What kind of system do you need, and how does it fit into your home?

Filters commonly found in homes and stores include water filter pitchers, end-of-tap or faucet-mounted filters, faucet-integrated (built-in) filters, on-counter filters, under-sink filters, and whole-house treatment units. No filters or treatment systems are 100% effective in removing all contaminants from water, and you need to know what you want your filter to do before you go shopping (see Step 1). Not all filters of a particular type use the same technology, so you should read the label carefully.

Water filter pitchers

Water filter pitchers are pitchers that are filled from the top and have built-in filters that water must pass through before being poured out for drinking or other use.

  • Pros: Inexpensive to purchase, no installation, easy to use
  • Cons: Vary by model and pore size, filters must be replaced regularly, slow filtering
Refrigerator filters

Many refrigerators have a built-in filter that supplies water through the door and supplies an automatic icemaker.

  • Pros: Come with many refrigerators, often improve water taste, may also filter water used for making ice, easy to use
  • Cons: Filters must be replaced regularly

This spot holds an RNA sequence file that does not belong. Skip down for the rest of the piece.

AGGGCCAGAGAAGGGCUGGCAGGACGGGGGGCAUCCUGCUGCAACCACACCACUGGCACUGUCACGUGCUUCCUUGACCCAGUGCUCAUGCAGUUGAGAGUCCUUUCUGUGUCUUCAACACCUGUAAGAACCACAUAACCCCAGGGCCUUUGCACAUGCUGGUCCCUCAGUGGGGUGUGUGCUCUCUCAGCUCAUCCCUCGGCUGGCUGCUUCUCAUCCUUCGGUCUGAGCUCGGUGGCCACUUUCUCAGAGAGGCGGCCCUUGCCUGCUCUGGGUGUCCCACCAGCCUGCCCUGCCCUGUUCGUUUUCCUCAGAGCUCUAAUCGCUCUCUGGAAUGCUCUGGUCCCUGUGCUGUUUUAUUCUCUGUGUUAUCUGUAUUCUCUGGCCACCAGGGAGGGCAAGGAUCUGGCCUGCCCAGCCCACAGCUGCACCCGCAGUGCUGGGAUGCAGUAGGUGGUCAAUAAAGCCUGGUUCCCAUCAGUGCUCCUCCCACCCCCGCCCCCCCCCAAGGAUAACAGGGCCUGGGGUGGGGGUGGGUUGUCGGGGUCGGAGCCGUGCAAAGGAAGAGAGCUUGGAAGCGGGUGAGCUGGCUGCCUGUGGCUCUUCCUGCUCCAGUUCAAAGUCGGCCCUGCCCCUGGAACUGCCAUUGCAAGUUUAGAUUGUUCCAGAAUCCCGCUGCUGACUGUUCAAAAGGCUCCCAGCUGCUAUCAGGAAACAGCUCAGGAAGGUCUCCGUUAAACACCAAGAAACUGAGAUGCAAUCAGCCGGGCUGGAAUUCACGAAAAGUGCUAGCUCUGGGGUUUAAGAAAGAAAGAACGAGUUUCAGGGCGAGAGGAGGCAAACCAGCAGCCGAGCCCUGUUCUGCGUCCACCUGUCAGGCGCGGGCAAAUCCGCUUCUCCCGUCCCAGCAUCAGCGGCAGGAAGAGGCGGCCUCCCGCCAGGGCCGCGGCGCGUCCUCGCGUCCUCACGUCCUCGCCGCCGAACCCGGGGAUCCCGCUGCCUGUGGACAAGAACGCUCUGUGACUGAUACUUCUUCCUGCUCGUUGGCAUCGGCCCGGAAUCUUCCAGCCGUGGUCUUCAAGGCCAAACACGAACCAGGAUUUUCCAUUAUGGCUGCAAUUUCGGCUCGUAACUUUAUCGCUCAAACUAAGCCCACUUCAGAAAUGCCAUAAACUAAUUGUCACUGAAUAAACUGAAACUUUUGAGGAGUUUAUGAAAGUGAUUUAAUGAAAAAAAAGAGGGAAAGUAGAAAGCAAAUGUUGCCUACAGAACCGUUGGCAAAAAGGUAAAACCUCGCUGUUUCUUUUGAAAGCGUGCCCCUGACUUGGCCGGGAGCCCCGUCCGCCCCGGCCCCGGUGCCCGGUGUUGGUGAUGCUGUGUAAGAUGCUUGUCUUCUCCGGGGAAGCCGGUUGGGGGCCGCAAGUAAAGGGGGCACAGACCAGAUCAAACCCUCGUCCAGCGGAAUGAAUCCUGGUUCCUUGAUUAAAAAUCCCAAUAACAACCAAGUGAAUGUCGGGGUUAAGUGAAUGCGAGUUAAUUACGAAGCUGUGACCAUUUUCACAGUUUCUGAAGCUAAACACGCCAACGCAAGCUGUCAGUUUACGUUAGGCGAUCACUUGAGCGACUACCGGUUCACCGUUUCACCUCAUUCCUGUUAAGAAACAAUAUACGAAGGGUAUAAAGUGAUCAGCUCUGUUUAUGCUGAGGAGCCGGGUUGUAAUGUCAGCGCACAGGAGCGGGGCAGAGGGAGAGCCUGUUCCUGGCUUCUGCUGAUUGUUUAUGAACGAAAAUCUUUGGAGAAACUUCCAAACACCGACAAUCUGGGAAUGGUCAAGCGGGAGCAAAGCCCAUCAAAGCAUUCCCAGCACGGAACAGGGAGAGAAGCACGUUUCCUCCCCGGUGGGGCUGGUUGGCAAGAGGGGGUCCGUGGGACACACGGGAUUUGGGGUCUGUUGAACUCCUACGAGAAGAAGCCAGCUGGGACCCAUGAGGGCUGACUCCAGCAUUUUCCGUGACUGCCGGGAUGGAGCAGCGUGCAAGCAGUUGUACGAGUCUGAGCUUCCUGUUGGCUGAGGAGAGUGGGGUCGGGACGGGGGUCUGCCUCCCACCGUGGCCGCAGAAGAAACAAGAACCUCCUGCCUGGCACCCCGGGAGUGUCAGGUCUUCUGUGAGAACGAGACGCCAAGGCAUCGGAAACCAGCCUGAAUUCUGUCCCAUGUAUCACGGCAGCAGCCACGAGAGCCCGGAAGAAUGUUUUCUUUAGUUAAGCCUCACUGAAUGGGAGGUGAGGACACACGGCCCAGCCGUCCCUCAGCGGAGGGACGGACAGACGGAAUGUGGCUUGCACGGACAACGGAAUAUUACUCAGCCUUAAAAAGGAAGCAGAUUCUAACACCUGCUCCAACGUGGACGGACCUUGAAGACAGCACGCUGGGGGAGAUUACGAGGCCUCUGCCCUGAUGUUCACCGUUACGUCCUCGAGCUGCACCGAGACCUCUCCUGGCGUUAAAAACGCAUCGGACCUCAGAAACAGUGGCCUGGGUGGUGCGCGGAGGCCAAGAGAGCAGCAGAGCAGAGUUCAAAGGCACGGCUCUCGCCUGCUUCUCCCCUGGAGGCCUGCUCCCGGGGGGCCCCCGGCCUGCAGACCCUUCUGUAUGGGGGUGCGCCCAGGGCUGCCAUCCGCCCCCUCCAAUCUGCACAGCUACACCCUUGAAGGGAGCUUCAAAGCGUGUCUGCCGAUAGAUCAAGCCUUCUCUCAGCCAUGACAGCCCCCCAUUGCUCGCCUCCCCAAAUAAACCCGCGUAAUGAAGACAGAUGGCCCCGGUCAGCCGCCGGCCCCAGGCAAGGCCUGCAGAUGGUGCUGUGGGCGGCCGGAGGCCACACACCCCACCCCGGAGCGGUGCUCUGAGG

Faucet-mounted filters

Faucet-mounted filtration systems attach to a standard faucet and can be switched on and off between filtered and unfiltered water flow.

  • Pros: Can easily switch between filtered and unfiltered water, relatively inexpensive
  • Cons: Do not work with all faucets, may slow water flow
Faucet-integrated (built-in) filters

Faucet-integrated filtration systems are faucets designed with built-in filters (instead of an attached filter, like a faucet-mounted system) and require installation.

  • Pros: Can easily switch between filtered and unfiltered water
  • Cons: Often expensive, require installation
On-counter filters

Faucet-integrated filtration systems are faucets designed with built-in filters (instead of an attached filter, like a faucet-mounted system) and require installation.

  • Pros: Can easily switch between filtered and unfiltered water
  • Cons: Often expensive, require installation
Under-sink filters

Under-sink filtration systems are installed under a sink and send water through a pipe to the filter’s own specially installed faucet.  

  • Pros: Filter large amounts of water, do not take up countertop space